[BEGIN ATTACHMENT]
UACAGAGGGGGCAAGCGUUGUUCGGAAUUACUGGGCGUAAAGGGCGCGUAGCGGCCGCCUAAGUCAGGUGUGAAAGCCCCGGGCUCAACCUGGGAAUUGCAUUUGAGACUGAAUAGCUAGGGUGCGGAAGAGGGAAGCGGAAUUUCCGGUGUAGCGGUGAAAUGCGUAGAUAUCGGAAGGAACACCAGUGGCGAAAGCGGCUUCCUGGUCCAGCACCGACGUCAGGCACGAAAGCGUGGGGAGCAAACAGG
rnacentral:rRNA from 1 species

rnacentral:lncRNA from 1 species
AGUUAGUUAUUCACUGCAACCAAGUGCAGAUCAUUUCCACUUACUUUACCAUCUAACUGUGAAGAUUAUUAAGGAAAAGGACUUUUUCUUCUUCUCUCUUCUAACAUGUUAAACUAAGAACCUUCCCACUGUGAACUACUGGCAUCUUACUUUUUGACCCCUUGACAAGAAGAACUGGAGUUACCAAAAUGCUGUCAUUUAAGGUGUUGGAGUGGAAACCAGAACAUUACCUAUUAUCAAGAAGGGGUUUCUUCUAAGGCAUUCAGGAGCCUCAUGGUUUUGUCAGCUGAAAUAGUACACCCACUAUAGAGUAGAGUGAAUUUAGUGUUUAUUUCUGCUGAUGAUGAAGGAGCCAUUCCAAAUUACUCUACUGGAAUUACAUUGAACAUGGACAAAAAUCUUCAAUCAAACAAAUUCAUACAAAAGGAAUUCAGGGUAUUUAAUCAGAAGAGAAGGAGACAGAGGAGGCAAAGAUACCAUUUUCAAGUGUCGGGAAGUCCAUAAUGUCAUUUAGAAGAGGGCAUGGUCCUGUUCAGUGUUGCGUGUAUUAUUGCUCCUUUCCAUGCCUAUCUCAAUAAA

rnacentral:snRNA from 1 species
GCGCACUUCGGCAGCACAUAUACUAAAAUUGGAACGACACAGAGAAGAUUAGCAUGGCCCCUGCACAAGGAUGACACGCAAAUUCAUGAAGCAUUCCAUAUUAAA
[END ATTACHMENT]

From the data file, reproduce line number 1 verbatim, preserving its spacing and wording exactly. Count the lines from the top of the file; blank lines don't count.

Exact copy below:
UACAGAGGGGGCAAGCGUUGUUCGGAAUUACUGGGCGUAAAGGGCGCGUAGCGGCCGCCUAAGUCAGGUGUGAAAGCCCCGGGCUCAACCUGGGAAUUGCAUUUGAGACUGAAUAGCUAGGGUGCGGAAGAGGGAAGCGGAAUUUCCGGUGUAGCGGUGAAAUGCGUAGAUAUCGGAAGGAACACCAGUGGCGAAAGCGGCUUCCUGGUCCAGCACCGACGUCAGGCACGAAAGCGUGGGGAGCAAACAGG